A little back story – There was a girl that lived in our dorm named Laura McAffey. Laura was, at least, 300 lbs. Now, we probably would have tried to work up some sympathy for her if this were medically related. But it wasn’t. She was just a fat, lazy cow. The most active she got was stomping around to the polka music she played at unbelievably high volumes in her room.

And her eating habits were worse than atrocious. We once sat in the lobby and watched her eat an entire jar of peanut butter – WITH HER HANDS. Her hands, I tell you!

So anyway, Jack walks in - late as can be and loaded down with more food than a cattle drive’s chuck wagon. I, naturally, could not let this go without comment. Regardless of my “calming” influence on the males.

So nice of you to join us, Jack. Well now, that’s a lot of food! Who do you think you are? Laura McAffey?!” The entire class bursts into laughter, including Jack – who had one of the most beautiful smiles you could ever imagine.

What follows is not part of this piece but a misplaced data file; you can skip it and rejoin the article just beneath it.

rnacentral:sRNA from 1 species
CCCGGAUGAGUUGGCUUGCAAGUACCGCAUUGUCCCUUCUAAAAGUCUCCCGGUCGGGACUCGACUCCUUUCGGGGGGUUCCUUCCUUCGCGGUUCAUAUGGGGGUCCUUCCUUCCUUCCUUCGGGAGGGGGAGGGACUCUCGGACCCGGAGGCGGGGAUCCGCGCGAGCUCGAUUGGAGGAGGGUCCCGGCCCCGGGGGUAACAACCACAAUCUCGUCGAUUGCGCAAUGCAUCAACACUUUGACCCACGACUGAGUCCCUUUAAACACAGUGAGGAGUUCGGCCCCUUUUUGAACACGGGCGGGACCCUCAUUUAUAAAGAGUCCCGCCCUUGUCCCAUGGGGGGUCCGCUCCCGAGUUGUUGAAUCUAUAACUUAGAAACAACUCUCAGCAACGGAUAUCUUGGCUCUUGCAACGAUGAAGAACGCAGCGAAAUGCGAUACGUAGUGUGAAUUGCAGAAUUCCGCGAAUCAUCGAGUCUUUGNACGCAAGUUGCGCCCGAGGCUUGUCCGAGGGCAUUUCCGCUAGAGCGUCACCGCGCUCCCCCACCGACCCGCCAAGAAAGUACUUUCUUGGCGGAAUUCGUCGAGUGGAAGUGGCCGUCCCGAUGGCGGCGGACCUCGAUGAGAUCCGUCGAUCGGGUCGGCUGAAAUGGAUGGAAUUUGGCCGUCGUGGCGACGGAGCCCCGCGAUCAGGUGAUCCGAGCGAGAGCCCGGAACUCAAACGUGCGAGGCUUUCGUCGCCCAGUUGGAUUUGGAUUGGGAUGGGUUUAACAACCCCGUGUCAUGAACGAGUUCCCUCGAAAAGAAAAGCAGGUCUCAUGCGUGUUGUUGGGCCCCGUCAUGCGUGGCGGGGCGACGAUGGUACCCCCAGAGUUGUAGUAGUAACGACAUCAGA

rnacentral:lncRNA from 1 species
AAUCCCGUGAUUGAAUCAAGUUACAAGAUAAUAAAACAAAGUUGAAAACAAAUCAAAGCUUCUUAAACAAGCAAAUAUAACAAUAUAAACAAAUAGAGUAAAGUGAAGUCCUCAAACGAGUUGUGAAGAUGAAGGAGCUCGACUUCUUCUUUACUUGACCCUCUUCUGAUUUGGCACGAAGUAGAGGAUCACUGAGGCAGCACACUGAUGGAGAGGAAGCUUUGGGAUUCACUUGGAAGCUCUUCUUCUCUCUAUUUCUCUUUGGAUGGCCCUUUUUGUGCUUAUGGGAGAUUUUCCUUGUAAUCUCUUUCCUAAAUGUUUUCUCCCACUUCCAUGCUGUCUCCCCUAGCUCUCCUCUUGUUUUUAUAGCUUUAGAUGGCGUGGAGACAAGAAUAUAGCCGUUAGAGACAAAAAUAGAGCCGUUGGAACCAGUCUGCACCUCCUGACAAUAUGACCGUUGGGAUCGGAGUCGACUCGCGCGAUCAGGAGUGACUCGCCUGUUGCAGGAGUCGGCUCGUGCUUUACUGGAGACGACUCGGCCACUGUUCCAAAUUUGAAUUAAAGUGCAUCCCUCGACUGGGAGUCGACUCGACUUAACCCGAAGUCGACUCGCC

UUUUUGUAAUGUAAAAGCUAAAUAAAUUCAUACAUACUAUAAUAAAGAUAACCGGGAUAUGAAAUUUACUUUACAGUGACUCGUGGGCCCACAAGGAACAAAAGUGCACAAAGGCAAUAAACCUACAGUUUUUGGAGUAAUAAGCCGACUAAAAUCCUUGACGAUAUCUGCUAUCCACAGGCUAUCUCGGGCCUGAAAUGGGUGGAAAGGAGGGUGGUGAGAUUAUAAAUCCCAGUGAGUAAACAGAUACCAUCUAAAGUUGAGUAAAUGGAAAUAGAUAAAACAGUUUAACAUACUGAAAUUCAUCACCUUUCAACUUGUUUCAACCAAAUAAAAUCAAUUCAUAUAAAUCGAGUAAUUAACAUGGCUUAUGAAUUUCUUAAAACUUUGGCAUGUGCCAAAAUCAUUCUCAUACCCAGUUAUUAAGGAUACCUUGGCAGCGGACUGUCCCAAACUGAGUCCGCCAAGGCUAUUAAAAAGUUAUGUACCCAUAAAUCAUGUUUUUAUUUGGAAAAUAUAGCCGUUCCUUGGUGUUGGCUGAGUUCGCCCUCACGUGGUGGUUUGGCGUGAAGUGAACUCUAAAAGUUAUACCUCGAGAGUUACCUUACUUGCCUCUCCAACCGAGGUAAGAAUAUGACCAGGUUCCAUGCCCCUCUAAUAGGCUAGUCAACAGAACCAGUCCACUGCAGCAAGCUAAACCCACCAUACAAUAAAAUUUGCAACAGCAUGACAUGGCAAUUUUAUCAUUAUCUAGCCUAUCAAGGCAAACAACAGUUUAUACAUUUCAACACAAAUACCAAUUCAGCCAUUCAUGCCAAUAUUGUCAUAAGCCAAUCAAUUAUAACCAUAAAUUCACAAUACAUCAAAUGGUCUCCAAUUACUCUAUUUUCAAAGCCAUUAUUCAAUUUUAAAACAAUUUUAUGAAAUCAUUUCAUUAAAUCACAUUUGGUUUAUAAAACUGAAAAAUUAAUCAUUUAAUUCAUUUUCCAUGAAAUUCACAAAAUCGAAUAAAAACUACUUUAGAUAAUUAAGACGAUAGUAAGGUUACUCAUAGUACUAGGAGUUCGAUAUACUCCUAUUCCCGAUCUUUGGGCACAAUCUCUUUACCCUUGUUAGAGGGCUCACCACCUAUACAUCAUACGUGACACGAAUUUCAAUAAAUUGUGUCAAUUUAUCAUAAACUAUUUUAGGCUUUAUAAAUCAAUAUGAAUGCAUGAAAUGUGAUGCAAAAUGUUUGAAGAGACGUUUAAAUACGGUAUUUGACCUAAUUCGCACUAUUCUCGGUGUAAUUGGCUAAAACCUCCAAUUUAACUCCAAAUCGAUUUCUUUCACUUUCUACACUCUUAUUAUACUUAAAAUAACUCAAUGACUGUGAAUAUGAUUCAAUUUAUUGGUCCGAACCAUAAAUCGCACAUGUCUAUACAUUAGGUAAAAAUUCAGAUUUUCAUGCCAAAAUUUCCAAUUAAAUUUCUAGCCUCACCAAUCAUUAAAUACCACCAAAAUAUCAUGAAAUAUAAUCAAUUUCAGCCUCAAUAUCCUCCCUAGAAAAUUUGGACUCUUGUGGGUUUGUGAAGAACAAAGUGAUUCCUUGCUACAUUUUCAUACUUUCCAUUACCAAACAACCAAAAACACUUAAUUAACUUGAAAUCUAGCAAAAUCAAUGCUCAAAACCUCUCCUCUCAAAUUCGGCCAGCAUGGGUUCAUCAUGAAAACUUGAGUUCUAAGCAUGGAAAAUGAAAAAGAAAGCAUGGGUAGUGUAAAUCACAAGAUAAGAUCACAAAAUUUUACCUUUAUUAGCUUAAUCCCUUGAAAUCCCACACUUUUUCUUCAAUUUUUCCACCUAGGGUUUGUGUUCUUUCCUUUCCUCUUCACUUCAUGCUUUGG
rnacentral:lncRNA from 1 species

JD, never one to miss an opportunity to prove himself right, looked at Jerry and over the din of laughter stated: “Yeah, Jerr, SHE’s going to reign us in! Calming influence my ass!”

Jerry never regained control of the class that day. And that’s the last time I can remember seeing Jack's smile.

Wednesday, February 14, 2007

I Wish I Was Able to Hate You, But I Have This Instead

This is because you asked. And I told you I wouldn’t.

If I could write you a letter, this is what it might say:

I don’t know how we got where we are. If I’m honest, I was never sure where we were. The nature of our relationship was, to say the least, unclear.

I think we both preferred it that way. No definitions meant no rules. No rules meant no obligations. But somewhere along the way, I developed expectations. And floating on their glossy surface was hope.

I know it wasn’t right.
You should know . . . it wasn’t intentional.